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London Book Fair Attracts Producers, Execs Looking for Adaptations

This year’s Oscars were as much a celebration of books as they were cinema. Five of the 10 best picture nominees were based on books, and three of those – “Oppenheimer,” “Poor Things” and “The Zone of Interest” – took home the most statues overall. Even the winner for best animated picture, Hayao Miyazaki’s “The Boy and the Heron,” was loosely inspired by a 1937 novel Miyazaki had read as a child.

Which is why many of those partying in L.A. on Sunday night boarded planes across the Atlantic days later bound for the London Book Fair, which kicked off yesterday and runs through the end of the week, in search of their next Oscar-contending project. “It feels like there’s an influx of film and television executives, studio executives, producers etc., all coming into town,” Jason Richman, co-head of media rights at UTA, tells Variety.

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With TV also wild about adaptations – some of the biggest shows in the past few months have included “Shōgun,” “One Day,” “Fool Me Once” and “Slow Horses,” all of which began as novels – the London Book Fair is fast on its way to becoming the new must-stop market for the screen industry. LBF’s director Gareth Rapley is not surprised. “A book is almost like a heartbeat to content creation,” he says.

Book to screen adaptations aren’t a novel concept, of course (pun intended). But despite industry contraction – or even because of it – commissioners and producers are increasingly reliant on pre-existing content, including podcasts, articles and even TikToks, to sell a project. “Having a piece of IP will supercharge the conversation,” acknowledges Helen Gregory, creative director at U.K./Australian production company See-Saw Films, which makes “Slow Horses” as well as “Heartstopper” (an adaptation of Alice Osman’s graphic novel) and the upcoming adaptation of C.J. Skuse’s novel “Sweetpea.”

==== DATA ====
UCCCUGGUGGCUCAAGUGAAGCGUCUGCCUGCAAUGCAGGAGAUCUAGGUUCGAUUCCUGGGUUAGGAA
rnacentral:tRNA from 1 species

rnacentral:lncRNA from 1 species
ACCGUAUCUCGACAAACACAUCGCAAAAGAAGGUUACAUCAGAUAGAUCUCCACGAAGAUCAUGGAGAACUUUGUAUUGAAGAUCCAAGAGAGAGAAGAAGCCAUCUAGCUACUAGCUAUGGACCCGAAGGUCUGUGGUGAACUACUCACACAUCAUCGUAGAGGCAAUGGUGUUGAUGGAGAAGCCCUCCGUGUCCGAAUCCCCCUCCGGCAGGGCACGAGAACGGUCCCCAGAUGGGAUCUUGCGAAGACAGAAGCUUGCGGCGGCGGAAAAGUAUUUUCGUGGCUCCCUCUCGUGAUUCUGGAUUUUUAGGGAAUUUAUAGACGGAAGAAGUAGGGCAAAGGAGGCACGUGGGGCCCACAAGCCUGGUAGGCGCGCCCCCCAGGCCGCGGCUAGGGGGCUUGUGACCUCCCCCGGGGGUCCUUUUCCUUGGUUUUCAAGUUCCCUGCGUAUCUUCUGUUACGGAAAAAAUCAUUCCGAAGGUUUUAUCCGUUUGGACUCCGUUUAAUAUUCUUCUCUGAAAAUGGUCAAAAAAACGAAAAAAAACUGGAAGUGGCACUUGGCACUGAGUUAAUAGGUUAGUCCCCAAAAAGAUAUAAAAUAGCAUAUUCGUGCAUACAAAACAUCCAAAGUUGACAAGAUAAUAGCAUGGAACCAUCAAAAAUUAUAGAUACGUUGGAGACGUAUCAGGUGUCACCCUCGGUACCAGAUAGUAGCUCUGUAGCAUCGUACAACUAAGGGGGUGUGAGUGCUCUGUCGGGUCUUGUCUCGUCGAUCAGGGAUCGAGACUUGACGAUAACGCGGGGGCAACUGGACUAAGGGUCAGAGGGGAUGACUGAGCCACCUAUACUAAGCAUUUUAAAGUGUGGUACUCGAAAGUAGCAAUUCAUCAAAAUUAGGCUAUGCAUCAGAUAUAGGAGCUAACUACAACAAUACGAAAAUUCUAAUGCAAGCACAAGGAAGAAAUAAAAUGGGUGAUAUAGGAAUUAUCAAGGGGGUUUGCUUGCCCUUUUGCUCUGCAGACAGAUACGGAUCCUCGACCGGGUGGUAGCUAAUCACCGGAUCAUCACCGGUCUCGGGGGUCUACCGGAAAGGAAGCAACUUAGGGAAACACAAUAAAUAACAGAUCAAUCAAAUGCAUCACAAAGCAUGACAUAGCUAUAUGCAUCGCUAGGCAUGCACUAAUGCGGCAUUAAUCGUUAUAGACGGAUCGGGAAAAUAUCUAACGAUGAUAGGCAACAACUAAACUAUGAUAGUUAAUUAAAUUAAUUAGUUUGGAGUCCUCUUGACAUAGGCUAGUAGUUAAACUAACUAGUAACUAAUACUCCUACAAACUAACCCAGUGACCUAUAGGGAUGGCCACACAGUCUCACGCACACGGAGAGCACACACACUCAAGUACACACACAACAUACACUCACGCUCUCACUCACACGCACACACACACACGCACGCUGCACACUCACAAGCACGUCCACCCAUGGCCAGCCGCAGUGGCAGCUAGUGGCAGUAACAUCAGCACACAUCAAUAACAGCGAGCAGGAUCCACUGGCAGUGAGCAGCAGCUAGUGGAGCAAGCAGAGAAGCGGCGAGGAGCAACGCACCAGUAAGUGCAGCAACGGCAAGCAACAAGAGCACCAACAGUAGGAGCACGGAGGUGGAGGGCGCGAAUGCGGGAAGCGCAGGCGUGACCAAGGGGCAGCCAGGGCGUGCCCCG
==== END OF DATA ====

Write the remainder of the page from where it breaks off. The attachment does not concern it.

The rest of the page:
Richard Fee, executive producer at Quay Street Productions which recently produced Netflix’s hit adaptation of Harlan Coben’s novel “Fool Me Once,” agrees that IP is more valuable than ever before. “Everybody is trying to make their project stand out in a really crowded marketplace,” he says.

Books are not only a proof of concept but, in the case of bestsellers, they come with a built-in audience. They also provide reassurance that the material is worth investing in because someone else — the publisher — has shelled out already. “That’s validation for these companies,” Richman says.

Producers are now moving increasingly early to sign option deals – sometimes before the book is even finished. Richman sold Margot Lee Shetterly’s “Hidden Figures” based on the proposal (the film wrapped before she’d even finished the book) and is currently fielding “multiple offers” on a non-fiction book proposal by another author.